The limits of the two gay rights decisions pending before the Supreme Court

Sometimes there is a lag time between law and changes in society.  As people wait with baited breath about U.S. v Windsor and Hollingswoth v Perry, members of the LGBT community and their supporters note that even if LGBT claimants prevail in both cases, there is still much work to be done because of the scope of rights those two cases address.  As Tara Siegel Bernard reported in the NYT yesterday, gay workers still lack protection from being fired at will and not being hired in many states.

It could be argued that both gay rights cases under consideration before the Court are putting the cart before the horse.  U.S. v Windsor is about the constitutionality of DOMA and the question of whether federal law can treat same sex couples the differently than heterosexual couples when in comes to the distribution of benefits.  The gay rights community has pushed on all fronts in terms of equal treatment under the law and it is easy to see why the main cases have concentrated on marriage equality.  The reason is that a legally recognized marriage comes with it a plethora of other legal rights, over 1,300+ by one count in federal law alone. 

Hollingsworth v Perry could be framed by the Court in an even more narrow fashion, which is to rule on the question of whether the state of California can give marriage rights to residents and then take it away later.  While victories on one or both cases would be undeniable progress, neither of these cases directly addressed the question of whether an employer can refuse to hire or fire you based on your sexual orientation alone.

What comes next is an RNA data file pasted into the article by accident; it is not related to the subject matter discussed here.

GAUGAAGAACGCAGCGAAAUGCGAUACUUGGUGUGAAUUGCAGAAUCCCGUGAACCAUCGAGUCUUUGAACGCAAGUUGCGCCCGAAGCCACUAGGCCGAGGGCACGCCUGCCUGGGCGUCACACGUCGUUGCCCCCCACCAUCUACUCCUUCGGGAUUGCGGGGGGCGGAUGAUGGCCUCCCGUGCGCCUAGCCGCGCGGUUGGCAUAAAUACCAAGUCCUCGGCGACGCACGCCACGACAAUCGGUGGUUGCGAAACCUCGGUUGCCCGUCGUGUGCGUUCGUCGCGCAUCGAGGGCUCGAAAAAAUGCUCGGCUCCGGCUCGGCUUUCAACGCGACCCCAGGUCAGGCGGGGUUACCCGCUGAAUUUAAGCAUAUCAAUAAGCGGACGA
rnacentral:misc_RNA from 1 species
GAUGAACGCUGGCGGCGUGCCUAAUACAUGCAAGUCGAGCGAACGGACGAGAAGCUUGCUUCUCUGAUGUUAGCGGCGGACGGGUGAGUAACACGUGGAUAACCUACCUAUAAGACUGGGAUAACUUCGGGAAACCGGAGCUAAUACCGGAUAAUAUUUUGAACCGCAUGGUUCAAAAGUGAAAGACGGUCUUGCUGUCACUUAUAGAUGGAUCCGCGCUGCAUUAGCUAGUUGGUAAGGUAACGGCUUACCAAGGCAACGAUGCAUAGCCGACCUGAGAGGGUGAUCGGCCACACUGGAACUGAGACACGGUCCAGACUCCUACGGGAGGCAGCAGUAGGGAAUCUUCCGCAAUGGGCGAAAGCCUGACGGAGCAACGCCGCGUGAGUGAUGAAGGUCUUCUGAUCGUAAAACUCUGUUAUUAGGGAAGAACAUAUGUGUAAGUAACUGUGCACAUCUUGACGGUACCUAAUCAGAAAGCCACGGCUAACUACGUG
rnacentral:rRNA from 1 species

The vignettes presented by Ms. Bernard in the NYT article show that it is all too possible for this very scenario to happen and that LGBT workers have little recourse under the law. Furthermore, as Bernard notes:

That means even if the Supreme Court were to declare that the law that denies same-sex married couples federal benefits was unconstitutional — it is expected to weigh in on the issue this month — such a decision could have a perverse effect: workers who may be permitted to add a same-sex spouse to a pension or a health plan, for instance, would be forced to expose their sexuality in a potentially hostile workplace to receive those benefits.

Law is inherently conservative and the Supreme Court and the federal courts cannot rule on whatever subject they please; they have to wait for a case to percolate up to them.  Law is also not a great vehicle for addressing complex social problems like homophobia.  But for minority groups searching for equality, the federal courts are often only avenue to go. 

Hopefully on this front, the states will create more progressive laws first as over 12 states have than the federal courts, but that too is a toss up given the wide geographical,  political cultural, and ideological variation among the states.